That was 16 years ago. Since then, Lessard, a former Nike sponsored athlete, has competed in seven U.S. Transplant Games and won gold at every one but the first. Because she had to wait so long and overcome so many hurdles to become a competitive runner, she understood that being an athlete is not always about winning, but instead “about being able to play in the game or run the race.”
Still, Lessard is a bit of superstar at the Transplant Games. She’s held up as a role model and an inspiration, so she feels the pressure to perform well. But as the mother of a 6-year-old boy named Liam, she can’t help but focus on the kids once she arrives at the Games. Last year, she met a little boy who had received a liver transplant and was still learning to be mobile again with the help of a metal walker. She was so intent on not missing his 25-meter race that she left her hotel room without her racing spikes. She cheered the young fellow on, and when the names were called for the women’s 100-meter sprint, she realized what she had forgotten. There was no time to fetch her spikes, so she ran without them, gave it her all and won anyway.
“There’s a difference between being short of breath because of sickness and being that way because you lived all you could with as much as you could in those moments,” says Lessard. “That’s a metaphor for life.”
Lessard’s main events at the Transplant Games are the 100- and 200-meter sprints, but she also competes in the long jump and team volleyball. The four-day event happens every other year in the United States and on off-years internationally. “It’s life-changing for everyone who goes,” says Lessard, whose coach, Ben Brownsberger, is also her fiancé. “I think every professional athlete should come and see this.”
Lessard not only tries to inspire children at the Transplant Games, she also motivates them through her nonprofit, Dottie’s Dream, which provides home exercise equipment to children with cystic fibrosis and children who are waiting to receive or have received an organ transplant. A life coach, Lessard has also co-founded a business called Whole-Body Wellbeing to help people become empowered through fitness, nutrition and positive thinking.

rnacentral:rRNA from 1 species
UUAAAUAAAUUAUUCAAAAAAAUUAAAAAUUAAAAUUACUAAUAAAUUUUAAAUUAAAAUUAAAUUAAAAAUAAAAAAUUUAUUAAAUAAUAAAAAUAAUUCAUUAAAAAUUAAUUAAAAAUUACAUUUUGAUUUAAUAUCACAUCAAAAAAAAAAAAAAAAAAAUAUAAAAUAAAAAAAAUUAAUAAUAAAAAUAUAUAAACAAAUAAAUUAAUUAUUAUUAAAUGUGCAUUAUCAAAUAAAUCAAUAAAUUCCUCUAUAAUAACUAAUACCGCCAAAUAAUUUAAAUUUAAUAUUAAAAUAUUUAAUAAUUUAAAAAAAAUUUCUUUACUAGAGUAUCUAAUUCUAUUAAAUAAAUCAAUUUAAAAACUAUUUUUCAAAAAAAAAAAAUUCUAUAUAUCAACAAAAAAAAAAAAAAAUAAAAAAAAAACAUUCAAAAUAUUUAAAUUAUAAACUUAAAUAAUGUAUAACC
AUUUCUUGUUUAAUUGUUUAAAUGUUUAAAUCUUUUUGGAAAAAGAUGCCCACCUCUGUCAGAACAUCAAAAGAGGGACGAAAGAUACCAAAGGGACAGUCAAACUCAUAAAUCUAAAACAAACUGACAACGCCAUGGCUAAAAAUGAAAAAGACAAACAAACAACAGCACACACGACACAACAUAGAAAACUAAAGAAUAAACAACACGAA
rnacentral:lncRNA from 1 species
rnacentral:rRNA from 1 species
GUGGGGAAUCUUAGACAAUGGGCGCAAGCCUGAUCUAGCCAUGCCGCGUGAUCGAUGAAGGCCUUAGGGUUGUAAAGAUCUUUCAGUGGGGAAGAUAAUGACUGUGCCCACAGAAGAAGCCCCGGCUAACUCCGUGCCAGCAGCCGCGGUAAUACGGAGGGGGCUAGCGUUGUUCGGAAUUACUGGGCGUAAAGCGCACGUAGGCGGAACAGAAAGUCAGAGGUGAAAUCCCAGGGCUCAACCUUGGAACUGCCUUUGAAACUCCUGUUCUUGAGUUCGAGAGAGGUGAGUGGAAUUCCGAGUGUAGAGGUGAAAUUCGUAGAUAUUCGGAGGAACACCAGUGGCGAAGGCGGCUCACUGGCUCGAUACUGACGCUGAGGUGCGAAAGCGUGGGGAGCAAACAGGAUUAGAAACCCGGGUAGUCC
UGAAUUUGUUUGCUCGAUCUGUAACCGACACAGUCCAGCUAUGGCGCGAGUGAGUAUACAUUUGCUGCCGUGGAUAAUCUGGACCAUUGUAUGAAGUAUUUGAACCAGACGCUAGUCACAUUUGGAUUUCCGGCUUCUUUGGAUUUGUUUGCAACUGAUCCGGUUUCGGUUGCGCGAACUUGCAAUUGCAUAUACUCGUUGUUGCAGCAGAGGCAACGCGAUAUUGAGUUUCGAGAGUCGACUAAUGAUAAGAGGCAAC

She says the joy of receiving new lungs never gets old. “To think I have someone’s lungs breathing for me,” she says. “I’m grateful for every breath I take.” Every year on the anniversary of her transplant, she climbs a mountain or a hill in honor of her donor, who fittingly was a mountain climber. This year, she took her son with her. They held hands and climbed a local hill together, leaving a yellow rose at the top. “It’s special every year honoring my donor. I feel like he’s with me,” she says.
Although Lessard has new lungs, she still has cystic fibrosis. It affects her other organs and in 2002, she had a kidney transplant. She also has diabetes and takes insulin every day. “There are times, absolutely, when I have to make the decision, ‘OK what are you gonna choose to do, whine or focus on the positive?’ ” she says. Ultimately though, she lives by her motto: “To truly live life fully, we must do the things we believe we cannot.”
It’s the motto she resorted to when she took her second run seven months after her transplant, this time to her old schoolyard. The fence that she had raced to as a first grader had gotten shaky and rusty. As Lessard slammed into it, she held onto that wire for a long time.